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UK spies in the Gardai

(Greg Harkin, The People)

At least three Garda officers in the scandal-hit force in Donegal were secret agents for British military intelligence, The Irish People can reveal.

Garda Special Branch detectives have launched a secret probe into finding the to date un-named moles who supplied intelligence on IRA suspects directly to the shadowy British Army outfit, the Force Research Unit.

The officers were paid for their work for the British side - but always claimed they carried out the work to help defeat the Provos at a time when it was claimed that some Garda officers weren't doing all they could to stop the IRA. We understand that a secret team of Branch detectives have now been tasked with finding those moles.

The probe comes after the Morris Tribunal slammed two senior Garda officers for faking arms finds in order to boost their careers in the 1990s. Detective Garda Noel McMahon is to be asked to resign by Garda Commissioner Noel Conroy. He and Superintendent Kevin Lennon had been suspended during the inquiry by Mr Justice Morris into allegations of corruption and now face being booted off the force.

It now also seems likely that Lennon could also find himself out of a job - the Government will decide his future in September.

They may also face perjury charges after the judge said he was satisfied 'that their evidence is so contradictory and unbelievable that it comprises a tissue of lies'. A number of other officers were cleared of any involvement in corruption but were severely criticised on other matters. Last night (Saturday), however, The Irish People learned of the startling new development.

It is understood the first objective will be to officially rule out any foreign dimension in the Lennon/McMahon affair. The bogus arms finds caused confusion in the ranks of the IRA at the time because quarter masters of local units knew the explosives didn't belong to them.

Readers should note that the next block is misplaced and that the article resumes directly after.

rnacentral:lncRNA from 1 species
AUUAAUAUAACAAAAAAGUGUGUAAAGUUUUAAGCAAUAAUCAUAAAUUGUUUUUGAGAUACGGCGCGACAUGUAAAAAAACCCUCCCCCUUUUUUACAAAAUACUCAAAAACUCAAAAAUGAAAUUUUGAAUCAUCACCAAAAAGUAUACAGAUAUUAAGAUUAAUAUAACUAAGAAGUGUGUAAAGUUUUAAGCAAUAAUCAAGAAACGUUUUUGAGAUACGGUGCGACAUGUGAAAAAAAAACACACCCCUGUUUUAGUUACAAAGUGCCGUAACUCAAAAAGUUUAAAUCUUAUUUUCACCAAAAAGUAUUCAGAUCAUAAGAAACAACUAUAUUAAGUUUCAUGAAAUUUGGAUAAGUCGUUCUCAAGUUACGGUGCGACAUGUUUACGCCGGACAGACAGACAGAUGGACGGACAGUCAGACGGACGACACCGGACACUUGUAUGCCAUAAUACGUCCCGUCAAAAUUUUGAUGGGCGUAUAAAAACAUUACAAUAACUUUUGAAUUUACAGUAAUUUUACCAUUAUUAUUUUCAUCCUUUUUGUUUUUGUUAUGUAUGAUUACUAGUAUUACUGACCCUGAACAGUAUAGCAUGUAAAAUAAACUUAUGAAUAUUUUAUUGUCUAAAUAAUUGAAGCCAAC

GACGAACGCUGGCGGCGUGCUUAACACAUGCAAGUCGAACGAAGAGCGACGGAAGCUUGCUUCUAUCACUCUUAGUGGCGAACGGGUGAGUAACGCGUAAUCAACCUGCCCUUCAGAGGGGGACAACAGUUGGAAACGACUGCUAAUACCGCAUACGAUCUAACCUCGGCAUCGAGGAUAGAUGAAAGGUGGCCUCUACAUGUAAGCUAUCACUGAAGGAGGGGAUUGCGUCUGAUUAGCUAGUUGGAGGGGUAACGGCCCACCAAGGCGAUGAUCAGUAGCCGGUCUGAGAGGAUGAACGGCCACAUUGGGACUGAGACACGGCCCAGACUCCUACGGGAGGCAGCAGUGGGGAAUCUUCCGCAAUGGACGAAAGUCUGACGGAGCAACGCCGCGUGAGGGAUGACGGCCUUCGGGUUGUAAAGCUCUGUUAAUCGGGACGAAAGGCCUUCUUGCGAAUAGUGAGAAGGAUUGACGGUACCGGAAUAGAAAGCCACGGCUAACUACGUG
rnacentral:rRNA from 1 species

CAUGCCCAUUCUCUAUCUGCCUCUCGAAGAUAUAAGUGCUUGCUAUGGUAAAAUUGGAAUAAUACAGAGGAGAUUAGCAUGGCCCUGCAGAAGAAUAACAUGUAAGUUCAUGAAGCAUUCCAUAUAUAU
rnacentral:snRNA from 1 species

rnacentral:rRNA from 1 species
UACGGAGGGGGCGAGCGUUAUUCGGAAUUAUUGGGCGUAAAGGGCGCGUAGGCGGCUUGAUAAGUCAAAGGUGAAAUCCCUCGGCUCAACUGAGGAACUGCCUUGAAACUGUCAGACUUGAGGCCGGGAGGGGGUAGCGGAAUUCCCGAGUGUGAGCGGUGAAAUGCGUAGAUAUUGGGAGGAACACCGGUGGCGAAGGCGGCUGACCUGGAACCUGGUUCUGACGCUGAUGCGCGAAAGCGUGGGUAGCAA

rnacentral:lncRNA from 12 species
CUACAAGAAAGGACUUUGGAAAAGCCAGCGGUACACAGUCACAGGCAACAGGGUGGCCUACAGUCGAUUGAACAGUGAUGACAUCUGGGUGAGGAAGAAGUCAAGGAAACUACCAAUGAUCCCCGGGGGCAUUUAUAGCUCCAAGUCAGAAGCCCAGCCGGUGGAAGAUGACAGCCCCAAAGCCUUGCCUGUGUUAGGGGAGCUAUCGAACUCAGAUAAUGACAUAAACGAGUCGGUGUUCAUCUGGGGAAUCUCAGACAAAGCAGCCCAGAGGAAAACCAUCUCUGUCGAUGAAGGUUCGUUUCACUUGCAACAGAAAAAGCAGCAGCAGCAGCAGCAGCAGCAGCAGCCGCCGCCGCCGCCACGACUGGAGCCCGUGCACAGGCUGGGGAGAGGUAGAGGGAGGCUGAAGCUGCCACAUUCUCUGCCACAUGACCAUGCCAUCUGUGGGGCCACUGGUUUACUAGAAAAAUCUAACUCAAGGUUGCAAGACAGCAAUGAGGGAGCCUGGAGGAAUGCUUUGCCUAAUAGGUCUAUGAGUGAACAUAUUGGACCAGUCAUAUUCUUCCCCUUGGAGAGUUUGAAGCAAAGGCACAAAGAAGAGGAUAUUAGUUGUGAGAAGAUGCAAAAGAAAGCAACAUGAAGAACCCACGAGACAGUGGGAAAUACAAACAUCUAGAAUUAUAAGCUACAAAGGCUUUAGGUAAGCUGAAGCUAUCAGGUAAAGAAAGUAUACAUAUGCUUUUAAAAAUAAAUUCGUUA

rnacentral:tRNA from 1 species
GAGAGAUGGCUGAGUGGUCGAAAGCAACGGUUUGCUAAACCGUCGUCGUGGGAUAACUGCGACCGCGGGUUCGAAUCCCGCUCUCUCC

The Provos conducted a number of inquiries and we understand they concluded the 'finds' were the work of an official Garda dirty tricks operation designed specifically to hit IRA morale.

The special Garda unit set up to probe British moles in the force has a number of suspects. They have been going through the personal finances of several officers with a fine tooth comb.

One source told The Irish People: "They know how far a Garda salary can stretch so they are looking at bank statements going back years and comparing it to the lifestyles of officers, asking questions about foreign holidays, cars and homes.

"They are looking at those who might have had that little bit more than a Garda income would normally allow." The source went on: "It is reckoned that at least three Garda officers worked for the security forces in Northern Ireland, specifically the Force Research Unit.

"There is also an acceptance that officers who did help the British may have done so for very good reasons - that is, the defeat of the IRA along the Border.

"Nevertheless, it is a source of deep embarrassment and of course it would be illegal for a Garda to pass information unofficially to a force in a different jurisdiction, whatever the intent.